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BMC Public Health. 2018 Apr 10;18(1):470. doi: 10.1186/s12889-018-5312-1.

Education and micronutrient deficiencies: an ecological study exploring interactions between women's schooling and children's micronutrient status.

Author information

1
Friedman School of Nutrition Science and Policy, Tufts University, Boston, MA, 02111, USA. Kassandra.Harding@yale.edu.
2
Yale School of Public Health, Yale University, 135 College Street, New Haven, CT, 06510, USA. Kassandra.Harding@yale.edu.
3
UNICEF Nutrition Programme, Programme Division, New York, NY, USA.
4
Friedman School of Nutrition Science and Policy, Tufts University, Boston, MA, 02111, USA.

Abstract

BACKGROUND:

Formal education can be a nutrition-sensitive intervention that supports the scale-up and impact of nutrition-specific actions. Maternal education has long been linked to child survival, growth, and development while adult earnings and nutrition are tied to years in school as a child. However, less is known about the relationship between maternal education and the micronutrient status of children, women and the general population.

METHODS:

Using country-level data and an ecological study design, we explored the global associations between women's educational attainment and: a) anemia and vitamin A deficiency (VAD) in children aged 6-59 months; b) anemia in non-pregnant women; and c) zinc deficiency, urinary iodine excretion (UIE), and the proportion of infants protected against iodine deficiency in the general population Cross-sectional relationships (2005-2013) were assessed using linear regression models.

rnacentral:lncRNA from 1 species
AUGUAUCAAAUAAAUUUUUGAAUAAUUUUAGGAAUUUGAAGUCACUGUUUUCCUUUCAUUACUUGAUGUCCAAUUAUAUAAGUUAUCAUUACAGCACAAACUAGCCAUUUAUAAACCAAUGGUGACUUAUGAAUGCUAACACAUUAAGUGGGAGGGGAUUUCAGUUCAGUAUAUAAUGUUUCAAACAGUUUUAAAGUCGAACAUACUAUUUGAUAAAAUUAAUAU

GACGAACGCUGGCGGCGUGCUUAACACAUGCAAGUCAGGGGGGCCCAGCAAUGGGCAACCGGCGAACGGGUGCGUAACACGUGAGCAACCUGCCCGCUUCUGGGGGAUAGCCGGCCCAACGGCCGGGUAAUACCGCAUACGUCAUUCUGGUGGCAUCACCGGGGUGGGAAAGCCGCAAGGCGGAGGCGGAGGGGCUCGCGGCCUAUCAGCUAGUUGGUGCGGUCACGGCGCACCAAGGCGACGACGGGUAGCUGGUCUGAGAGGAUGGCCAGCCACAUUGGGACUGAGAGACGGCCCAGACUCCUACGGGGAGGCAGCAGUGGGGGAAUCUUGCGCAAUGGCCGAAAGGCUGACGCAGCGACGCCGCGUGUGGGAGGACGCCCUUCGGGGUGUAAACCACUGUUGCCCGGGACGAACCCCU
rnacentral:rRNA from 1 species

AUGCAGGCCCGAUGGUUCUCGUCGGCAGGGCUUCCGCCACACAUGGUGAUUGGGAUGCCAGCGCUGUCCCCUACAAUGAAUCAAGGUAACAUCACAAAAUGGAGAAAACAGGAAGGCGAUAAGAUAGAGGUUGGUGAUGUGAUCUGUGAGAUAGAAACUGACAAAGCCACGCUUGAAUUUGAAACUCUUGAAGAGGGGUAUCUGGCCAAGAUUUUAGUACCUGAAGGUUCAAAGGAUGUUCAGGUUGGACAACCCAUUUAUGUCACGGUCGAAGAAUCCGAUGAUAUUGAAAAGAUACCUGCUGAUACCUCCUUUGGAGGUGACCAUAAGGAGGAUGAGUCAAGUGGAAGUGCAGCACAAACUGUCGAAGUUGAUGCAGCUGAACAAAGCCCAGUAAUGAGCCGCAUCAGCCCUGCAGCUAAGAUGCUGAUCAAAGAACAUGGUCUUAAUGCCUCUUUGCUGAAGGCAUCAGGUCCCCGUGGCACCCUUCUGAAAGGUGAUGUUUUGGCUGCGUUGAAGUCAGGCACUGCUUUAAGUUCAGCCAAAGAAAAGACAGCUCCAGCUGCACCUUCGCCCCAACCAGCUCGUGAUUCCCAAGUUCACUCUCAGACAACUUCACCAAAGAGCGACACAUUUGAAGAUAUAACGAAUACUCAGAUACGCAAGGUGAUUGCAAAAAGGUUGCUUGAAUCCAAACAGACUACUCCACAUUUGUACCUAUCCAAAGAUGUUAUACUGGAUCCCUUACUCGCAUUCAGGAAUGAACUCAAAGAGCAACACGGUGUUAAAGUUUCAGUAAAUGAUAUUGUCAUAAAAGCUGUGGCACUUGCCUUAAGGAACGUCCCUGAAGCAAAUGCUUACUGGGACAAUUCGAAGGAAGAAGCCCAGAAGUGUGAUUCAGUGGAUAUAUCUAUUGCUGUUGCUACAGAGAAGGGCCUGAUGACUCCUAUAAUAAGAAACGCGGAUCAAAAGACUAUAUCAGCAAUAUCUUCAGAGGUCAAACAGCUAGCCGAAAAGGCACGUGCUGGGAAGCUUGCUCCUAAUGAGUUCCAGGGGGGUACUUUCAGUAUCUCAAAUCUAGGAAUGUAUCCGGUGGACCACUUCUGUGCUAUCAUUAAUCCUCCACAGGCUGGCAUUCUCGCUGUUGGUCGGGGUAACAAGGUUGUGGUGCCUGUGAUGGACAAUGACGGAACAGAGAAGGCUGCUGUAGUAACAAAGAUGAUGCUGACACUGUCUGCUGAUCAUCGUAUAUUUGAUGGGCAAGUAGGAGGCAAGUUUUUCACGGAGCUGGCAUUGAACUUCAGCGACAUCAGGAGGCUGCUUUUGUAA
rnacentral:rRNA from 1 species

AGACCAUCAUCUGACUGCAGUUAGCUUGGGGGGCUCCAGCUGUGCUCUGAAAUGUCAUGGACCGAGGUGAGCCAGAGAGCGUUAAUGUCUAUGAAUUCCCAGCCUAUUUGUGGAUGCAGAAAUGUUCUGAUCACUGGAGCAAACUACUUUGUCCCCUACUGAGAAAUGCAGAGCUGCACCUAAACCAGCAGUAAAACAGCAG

RESULTS:

Percentage of women without schooling was negatively associated with all outcomes. Number of years of schooling among women was positively associated with all outcomes except for UIE and the proportion of infants protected against iodine deficiency. Income level was a significant effect modifier of the effect of years of women's schooling on child anemia as well as of the proportion of women without formal education on zinc deficiency in the population. The relationship was strongest in low-income countries for child anemia, and was not significant in upper middle-income countries. For zinc deficiency, the relationship was not significant in low or lower middle income countries, which may suggest that a minimum threshold of resources needs to be reached before education can influence zinc status.

CONCLUSIONS:

While relationships between maternal schooling and micronutrient outcomes vary around the globe, more schooling is generally linked to lower rates of deficiency. These findings draw policy-relevant connections between formal education and anemia and micronutrient status globally. It is necessary to examine the mechanisms through which this relationship may be working at both household and country level.

KEYWORDS:

Anemia; Economic development; Iodine; Maternal education; Micronutrient deficiencies; Micronutrients; Nutrition; Vitamin A; Women’s education; Zinc

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